Toyota is left as the single manufacturer, its contract good through 2019. But while LMP1 privateer has witnessed several announcements of new programs, how many actually materialize beyond the press releases into cars on the grid remains to be seen.

Despite the excitement over manufacturers in the IMSA WeatherTech SportsCar Championship’s Daytona Prototype international (DPi) formula, the DPis paired with the 2017-spec LMP2 cars in IMSA’s Prototype class, the Automobile Club de l’Ouest would need to allow DPis to race at Le Mans if they are to make an appearance in Europe. Right now, the cars are ineligible.

The GTE-Pro ranks will be bolstered with BMW’s arrival with the new M8 GTE, joining the existing four manufacturers there, and that will likely emerge as the series’ marquee class.

Porsche announces entry to Formula E for season six

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Porsche has announced that it will be joining the FIA Formula E grid in 2019, taking the 12th and final slot currently available.

In the same announcement that confirmed the closure of its LMP1 program at the end of the season, Porsche revealed that it would be moving into the all-electric series for the 2019/20 campaign with a factory-backed operation.

“Entering Formula E and achieving success in this category are the logical outcomes of our Mission
E road car program,” said Michael Steiner, Member of the Executive Board for Research and
Development at Porsche AG.

“The growing freedom for in-house technology developments makes Formula E attractive to us. Porsche is working with alternative, innovative drive concepts.

“For us, Formula E is the ultimate competitive environment for driving forward the development of high-performance vehicles in areas such as environmental friendliness, efficiency and sustainability.”

Porsche has held an interest in Formula E for some time, with many of its key motorsport bosses venturing to the recent races in Monaco and Berlin in order to undertake research regarding a possible entry.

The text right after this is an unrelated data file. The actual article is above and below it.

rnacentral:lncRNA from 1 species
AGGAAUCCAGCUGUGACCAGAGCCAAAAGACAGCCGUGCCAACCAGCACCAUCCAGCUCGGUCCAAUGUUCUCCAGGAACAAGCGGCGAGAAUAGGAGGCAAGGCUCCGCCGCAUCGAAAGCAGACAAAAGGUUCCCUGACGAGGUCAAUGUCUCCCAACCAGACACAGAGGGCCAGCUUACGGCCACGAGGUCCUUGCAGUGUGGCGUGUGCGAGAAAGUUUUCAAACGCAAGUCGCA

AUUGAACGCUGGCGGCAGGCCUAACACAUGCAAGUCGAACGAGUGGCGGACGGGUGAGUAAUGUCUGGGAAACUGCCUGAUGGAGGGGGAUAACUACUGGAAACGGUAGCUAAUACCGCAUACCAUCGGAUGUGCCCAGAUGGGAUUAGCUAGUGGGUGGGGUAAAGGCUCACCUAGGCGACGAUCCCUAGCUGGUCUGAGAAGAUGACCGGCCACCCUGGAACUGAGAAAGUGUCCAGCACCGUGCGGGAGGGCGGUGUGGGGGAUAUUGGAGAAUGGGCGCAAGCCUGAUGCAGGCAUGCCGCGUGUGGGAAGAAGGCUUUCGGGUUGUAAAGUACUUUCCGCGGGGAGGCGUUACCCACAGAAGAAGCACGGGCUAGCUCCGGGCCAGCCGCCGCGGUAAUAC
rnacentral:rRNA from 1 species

Following Monday’s news that Mercedes would be taking up its option on an entry to Formula E for season six, Porsche’s arrival acts as another huge boost for the burgeoning electric championship, which already enjoys involvement from manufacturers such as Renault, Audi, BMW and Jaguar.

“I’m delighted to welcome Porsche to the FIA Formula E Championship,” Formula E CEO Alejandro Agag said. “If somebody told me when we started this project five years ago, that we’d be announcing a partnership with a brand like Porsche, I wouldn’t have believed it.

“To have a name like Porsche in Formula E, with all it represents in terms of racing and heritage – and in terms of sport cars – is an inflexion point in our quest to change the public perception about electric cars.

“The electric revolution continues, and Formula E remains the championship for that revolution.”

FIA president Jean Todt added: “Porsche is a brand which has a fantastic history in motorsport, and its intention to join the FIA Formula E Championship alongside so many of the world’s biggest car manufacturers is very positive.

“It’s clear that the hard work done to create a relevant laboratory for developing electric vehicle technologies has been successful, and I look forward to seeing Formula E continue to be a place of great sporting competition as well as innovation.

“I’m very happy that Porsche is coming to Formula E, but I regret their decision to leave the World Endurance Championship.”

The decision to end its LMP1 program and quit the FIA World Endurance Championship with one year still to run on its contract sees Porsche follow in the footsteps of sister Volkswagen Group brand Audi, which pulled a similar move less than 12 months ago.